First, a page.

Mar. 8, 2012, 01:17 PM
I also put another vote in for Stubben. I honestly have never tried the Siegfried, was going to try, but it wouldn’t do well with my shark fin TB. But I have owned an Artus for 15 years and love it. Recently upgraded to the Roxanne this is a great all-purpose with a deeper seat and knee and thigh blocks. I have a jumper so it’s a wondeful saddle and fits my TB wonderfully...granted I did have to have them make it to fit him.

But like above posters my Artus, had a half seat, worked well for a while and with the right saddle pad/half pad it fit him comfortably. You should be able to find them used and still in great condition as they do and probably will outlive their owner!

Good luck with your new project!

alto
Mar. 8, 2012, 03:50 PM
Hi all! I just bought my future Eventer (2yr old TB, 15.3 and growing) Obviously we won't be clearing fences anytime soon, so I was looking for a quality All-Purpose saddle, hopefully under $500; to get us thru the next couple years while we put in some HUS, and basic Dressage work.

I'm not looking to spend a lot. Comfort for us both is key. Any saddle pad advise would be fantastic. I haven't purchased a beginner saddle for several years so I'm afraid I'm a bit out of touch.

If you decide to go Stubben (or really any saddle), choose one where the tree shape is correct for your horse, but is moderately too wide ie can be fit properly with a saddle fit pad with shims (I prefer the Thinline version with the dense foam shims); if you get a wool flocked saddle, that's another bonus as it allows another level of adjustment BUT this is really only useful if you have access to a saddle fitter & are willing to reflock the saddle every few months as your horse changes shape.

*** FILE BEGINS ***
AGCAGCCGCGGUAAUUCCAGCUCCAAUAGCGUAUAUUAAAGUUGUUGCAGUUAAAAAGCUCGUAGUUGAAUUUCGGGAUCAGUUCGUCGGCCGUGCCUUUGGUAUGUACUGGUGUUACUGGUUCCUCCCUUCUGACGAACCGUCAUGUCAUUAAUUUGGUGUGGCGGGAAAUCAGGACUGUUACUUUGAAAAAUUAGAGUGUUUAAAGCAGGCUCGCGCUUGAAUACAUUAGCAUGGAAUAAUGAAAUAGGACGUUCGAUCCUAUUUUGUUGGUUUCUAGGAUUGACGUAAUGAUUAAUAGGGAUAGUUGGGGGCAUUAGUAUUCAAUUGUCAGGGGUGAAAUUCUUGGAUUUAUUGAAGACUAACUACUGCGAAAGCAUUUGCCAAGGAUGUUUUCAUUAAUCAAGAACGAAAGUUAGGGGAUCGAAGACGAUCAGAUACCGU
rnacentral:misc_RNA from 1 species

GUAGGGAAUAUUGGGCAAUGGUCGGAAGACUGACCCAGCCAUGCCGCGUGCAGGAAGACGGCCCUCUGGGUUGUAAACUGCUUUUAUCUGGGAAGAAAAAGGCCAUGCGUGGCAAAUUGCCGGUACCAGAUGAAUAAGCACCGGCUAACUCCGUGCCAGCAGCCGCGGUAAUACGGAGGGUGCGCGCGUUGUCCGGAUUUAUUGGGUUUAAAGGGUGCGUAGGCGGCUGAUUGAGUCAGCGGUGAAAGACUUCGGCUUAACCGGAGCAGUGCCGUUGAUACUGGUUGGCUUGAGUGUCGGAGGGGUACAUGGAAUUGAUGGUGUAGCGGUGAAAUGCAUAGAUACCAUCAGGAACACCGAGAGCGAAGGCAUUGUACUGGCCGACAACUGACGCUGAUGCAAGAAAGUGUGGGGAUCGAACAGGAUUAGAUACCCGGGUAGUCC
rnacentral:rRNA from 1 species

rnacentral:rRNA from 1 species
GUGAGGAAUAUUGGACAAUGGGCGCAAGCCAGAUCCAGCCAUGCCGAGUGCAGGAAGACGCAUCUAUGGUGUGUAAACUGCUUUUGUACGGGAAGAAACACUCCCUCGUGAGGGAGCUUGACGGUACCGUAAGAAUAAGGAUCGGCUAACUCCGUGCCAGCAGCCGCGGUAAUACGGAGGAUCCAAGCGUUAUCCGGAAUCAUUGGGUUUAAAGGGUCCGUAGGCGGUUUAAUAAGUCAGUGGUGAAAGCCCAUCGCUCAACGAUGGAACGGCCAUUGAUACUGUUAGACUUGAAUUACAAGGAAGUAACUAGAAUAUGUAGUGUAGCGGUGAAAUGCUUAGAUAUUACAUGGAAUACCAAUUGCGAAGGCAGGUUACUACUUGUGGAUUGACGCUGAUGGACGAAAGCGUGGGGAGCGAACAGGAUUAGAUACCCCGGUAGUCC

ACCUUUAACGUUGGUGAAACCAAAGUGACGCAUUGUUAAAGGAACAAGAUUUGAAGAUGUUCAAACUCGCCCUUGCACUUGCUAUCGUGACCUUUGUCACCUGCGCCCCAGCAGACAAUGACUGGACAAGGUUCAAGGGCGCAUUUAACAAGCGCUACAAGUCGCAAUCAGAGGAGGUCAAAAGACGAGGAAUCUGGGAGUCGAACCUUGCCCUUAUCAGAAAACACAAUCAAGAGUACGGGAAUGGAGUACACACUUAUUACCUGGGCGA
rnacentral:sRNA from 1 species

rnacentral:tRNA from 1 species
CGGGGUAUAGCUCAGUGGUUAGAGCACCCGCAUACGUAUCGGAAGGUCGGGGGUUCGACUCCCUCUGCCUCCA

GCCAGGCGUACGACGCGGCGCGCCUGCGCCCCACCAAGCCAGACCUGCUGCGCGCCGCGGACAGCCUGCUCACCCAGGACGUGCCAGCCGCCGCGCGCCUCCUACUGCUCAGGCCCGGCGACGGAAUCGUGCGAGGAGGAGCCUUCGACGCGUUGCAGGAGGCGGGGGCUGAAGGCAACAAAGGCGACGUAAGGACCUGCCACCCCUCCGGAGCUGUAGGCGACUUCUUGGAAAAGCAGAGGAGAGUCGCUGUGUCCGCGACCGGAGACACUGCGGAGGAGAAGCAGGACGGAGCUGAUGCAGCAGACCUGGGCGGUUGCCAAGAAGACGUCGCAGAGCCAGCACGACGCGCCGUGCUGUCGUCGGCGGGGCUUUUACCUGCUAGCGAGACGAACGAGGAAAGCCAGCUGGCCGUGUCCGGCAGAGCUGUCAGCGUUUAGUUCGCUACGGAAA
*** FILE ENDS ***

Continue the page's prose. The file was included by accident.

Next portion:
I don't know if you're intending to back her as a 2yr old (there are many reasons to wait until she's 3 - and she looks pretty immature in the recent video) but, if so, you will really need to watch saddle fit & expect to replace the saddle.

Rick's Heritage (http://www.saddlesource.com/) always has a surprising number of under $500 saddles (even some that are "like new").

You might start by just sitting in as many saddles as you can & find what works/does not work for you (beware that a saddle that fits a horse poorly will usually fall into the "not work" camp).
Once your filly arrives, you can do back tracings & send them off to a few online saddle fitters & see what recommendations you get.

If possible, try to borrow saddles for her first 6-12 months (not only will her back change as she grows, but muscling will also change her topline) or find that $150 saddle that fits.
This 1st saddle really just needs to fit her: you'll only be in it for 20 - 30 minutes, 2-3 days a week & staying off her back as much as possible (ie always in a light seat & not really sitting deep into the saddle) ;)

GingerJumper
Mar. 8, 2012, 03:53 PM
I'd look at used saddles and I'd also check over on the Eventing forum... they'd probably have a better idea on something that might work down the road.

I know you said you want to work on HUS stuff with her, but if you're making her into an eventer, would it not be a better idea to get her going around at dressage shows and the like and spend your time on that and your $$ on a dressage saddle (with wool flocking so you can adjust it as she matures)? Just a thought.

Neigh-Neigh
Mar. 11, 2012, 11:29 PM
Thanks everyone! I've got some great leads to go on!